Why Sylhet? That needs a bit of digging into.
“A number of Indian sailors jumped ship or were dumped at major ports including Cardiff and London. These seamen from Sylhet - now a region in Bangladesh - opened cafes, mainly to cater for fellow Asians.
"They were self-taught but they cleverly adapted themselves to the British palate," says Mr. Groves.
And in the 1940s, they bought bombed-out chippies and cafes, says Ms. Collingham, selling curry and rice alongside fish, pies and chips. "They stayed open really late to make money to catch the after-pub trade."
And so the ritual of the post-pub curry was born.
"It took quite a long time for the British to recover from World War II," says Ms. Collingham. "They were willing and more open to try new things.
After 1971, there was an influx of Bangladeshis following war in their homeland, particularly to London's rundown East End. Many entered the catering trade, and today they dominate the curry industry.”
Dr. Lizzie Collingham, author of Curry: A Tale of Cooks and Conquerors.
Peter Groves, co-founder of National Curry Week
The USA, especially Latin American dominated Miami, is not a good place for Curry, and for that matter much of the other Ethnic foods. A good curry or a good Mexican Mole is hard to come by, even though one can get a tasty plate of Cuban Food, which to Miami is what Curry is to England.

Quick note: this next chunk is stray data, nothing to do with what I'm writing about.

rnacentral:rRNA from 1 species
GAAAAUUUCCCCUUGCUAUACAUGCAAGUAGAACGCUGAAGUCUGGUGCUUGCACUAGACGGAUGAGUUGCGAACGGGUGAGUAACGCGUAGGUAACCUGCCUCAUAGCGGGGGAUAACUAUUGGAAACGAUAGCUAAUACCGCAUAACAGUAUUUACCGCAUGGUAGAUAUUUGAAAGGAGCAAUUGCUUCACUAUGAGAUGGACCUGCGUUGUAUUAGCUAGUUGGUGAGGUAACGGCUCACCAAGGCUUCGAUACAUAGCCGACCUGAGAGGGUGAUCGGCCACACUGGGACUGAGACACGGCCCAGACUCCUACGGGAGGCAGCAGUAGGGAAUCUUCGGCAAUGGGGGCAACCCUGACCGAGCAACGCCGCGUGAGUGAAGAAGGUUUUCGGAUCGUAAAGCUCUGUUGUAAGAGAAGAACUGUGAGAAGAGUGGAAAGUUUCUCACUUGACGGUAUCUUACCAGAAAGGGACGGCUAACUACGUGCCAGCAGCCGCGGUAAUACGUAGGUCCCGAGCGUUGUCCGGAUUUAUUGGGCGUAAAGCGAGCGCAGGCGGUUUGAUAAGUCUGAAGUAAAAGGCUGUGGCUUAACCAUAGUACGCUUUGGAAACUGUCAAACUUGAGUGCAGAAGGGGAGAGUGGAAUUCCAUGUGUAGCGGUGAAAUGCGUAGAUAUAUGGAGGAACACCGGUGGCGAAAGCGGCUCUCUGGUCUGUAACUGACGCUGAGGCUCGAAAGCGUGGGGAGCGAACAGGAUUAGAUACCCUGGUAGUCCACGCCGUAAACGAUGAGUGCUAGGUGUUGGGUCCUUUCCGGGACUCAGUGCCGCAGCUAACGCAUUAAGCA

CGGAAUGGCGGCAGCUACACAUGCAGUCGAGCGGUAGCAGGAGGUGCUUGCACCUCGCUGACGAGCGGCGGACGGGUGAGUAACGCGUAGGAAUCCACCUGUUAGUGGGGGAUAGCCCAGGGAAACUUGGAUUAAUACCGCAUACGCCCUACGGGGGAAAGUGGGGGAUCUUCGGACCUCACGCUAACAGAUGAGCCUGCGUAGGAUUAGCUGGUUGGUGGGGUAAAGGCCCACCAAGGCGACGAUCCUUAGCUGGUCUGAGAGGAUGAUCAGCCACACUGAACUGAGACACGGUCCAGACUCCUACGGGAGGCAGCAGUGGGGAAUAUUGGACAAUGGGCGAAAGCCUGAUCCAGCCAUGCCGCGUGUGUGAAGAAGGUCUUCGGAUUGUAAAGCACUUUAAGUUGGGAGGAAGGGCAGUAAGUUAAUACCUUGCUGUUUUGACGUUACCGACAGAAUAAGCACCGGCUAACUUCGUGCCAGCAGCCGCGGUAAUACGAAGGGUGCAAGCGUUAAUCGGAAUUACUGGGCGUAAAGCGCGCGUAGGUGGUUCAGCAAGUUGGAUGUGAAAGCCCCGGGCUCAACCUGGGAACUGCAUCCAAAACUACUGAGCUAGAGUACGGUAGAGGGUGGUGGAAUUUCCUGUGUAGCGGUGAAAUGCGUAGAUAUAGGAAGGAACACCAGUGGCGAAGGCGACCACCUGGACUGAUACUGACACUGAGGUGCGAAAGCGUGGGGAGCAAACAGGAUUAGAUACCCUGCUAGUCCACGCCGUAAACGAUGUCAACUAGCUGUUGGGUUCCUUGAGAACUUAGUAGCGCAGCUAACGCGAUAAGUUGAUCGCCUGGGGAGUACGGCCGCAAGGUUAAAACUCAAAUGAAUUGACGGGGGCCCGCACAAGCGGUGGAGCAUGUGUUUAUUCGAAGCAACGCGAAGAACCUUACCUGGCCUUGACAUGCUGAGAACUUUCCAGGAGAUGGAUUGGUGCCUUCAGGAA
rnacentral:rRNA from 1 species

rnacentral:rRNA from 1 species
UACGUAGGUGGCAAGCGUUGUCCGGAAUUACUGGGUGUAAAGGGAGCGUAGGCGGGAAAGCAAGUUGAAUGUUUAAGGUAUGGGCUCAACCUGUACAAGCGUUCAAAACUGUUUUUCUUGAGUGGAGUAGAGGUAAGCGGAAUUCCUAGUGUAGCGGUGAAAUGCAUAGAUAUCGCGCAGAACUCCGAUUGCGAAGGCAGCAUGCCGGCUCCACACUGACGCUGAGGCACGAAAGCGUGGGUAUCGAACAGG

All my excursions into the Curry world of Miami have been less than tantalizing to my tonsils, so I was excited when my good friends and eating companions, Dr&Mrs W, invited me to savour “Indian” food at Copper Chimney at Sunny Isles in Miami.
It is situated in a strip mall, at a corner of Miami dominated by Russian and East European immigrants who began arriving here in Miami quite recently. Asian immigrants are rare in Miami, perhaps because they would have to learn Spanish to survive here, so the few Asians who are here are professionals. Perhaps that explains the extortionate prices of “curries” in this Indian restaurant, the first I have eaten in the west not owned by a Bangladeshi, but by a turbaned Sikh!
              Extortion in Miami: Rogan Josh 21 dollars, nearly 15 British 
The prices were twice as much as any similar restaurants in London. The quality was not something to write home about. But it lent to some anthropological observations.